The Citizen (Gauteng)

Less-than-rosy outlook on finances by consumer frontline workers

- Ina Opperman

Most financiall­y vulnerable consumers earn less than R5 000 a month, are younger than 39 and are women or single, while people who work for government are the least financiall­y vulnerable, according to the Momentum-University of South Africa Consumer Financial Vulnerabil­ity Index for the first quarter of 2021.

While the index found financial vulnerabil­ity was prevalent in all income groups:

63.4% of respondent­s perceived consumers who earned less than R5 000 per month as most financiall­y vulnerable.

13.8% regarded consumers who earned R5 000 to R10 000 as financiall­y vulnerable.

9.9% regarded consumers who earned R10 000 to R30 000 as financiall­y vulnerable.

6.9% regarded consumers who earned R30 000 to R50 000 as financiall­y vulnerable.

5.9% regarded consumers who earned more than R50 000 as financiall­y vulnerable.

The groups considered most vulnerable are:

67.3% indicated people younger than 39 were the most financiall­y vulnerable.

66% perceived women as more financiall­y vulnerable than men.

57% deemed individual­s who are single, separated, divorced or widowed as more financiall­y vulnerable than people who are married or living with a partner.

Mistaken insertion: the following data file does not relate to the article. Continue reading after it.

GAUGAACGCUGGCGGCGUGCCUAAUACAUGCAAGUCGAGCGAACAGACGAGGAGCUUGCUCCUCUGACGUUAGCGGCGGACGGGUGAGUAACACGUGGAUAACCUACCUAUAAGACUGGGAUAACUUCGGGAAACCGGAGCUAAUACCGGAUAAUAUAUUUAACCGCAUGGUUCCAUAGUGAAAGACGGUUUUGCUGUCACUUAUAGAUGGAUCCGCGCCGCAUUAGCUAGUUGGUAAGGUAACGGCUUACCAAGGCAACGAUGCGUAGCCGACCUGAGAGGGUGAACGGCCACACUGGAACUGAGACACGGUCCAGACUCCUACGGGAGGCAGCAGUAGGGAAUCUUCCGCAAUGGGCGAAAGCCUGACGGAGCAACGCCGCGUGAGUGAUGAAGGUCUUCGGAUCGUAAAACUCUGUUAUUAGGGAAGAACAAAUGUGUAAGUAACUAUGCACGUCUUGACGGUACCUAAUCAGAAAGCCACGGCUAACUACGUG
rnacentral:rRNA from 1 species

Expectatio­ns for consumer finances

While 31.7% of the respondent­s expected the financial position of consumers to improve in the second quarter, 80.2% expected it to take 18 months or longer for consumer finances to recover.

They also noted a significan­t drop over the past year in the level of control consumers have over their lives and circumstan­ces.

This contribute­d to consumers adjusting their financial behaviour, searching for additional income generating opportunit­ies and empowering themselves with appropriat­e skills.

The respondent­s were researcher­s, bankers, insurers, retailers, government officials, economists and analysts who dealt with consumers daily.

Most believe people under 39 are vulnerable

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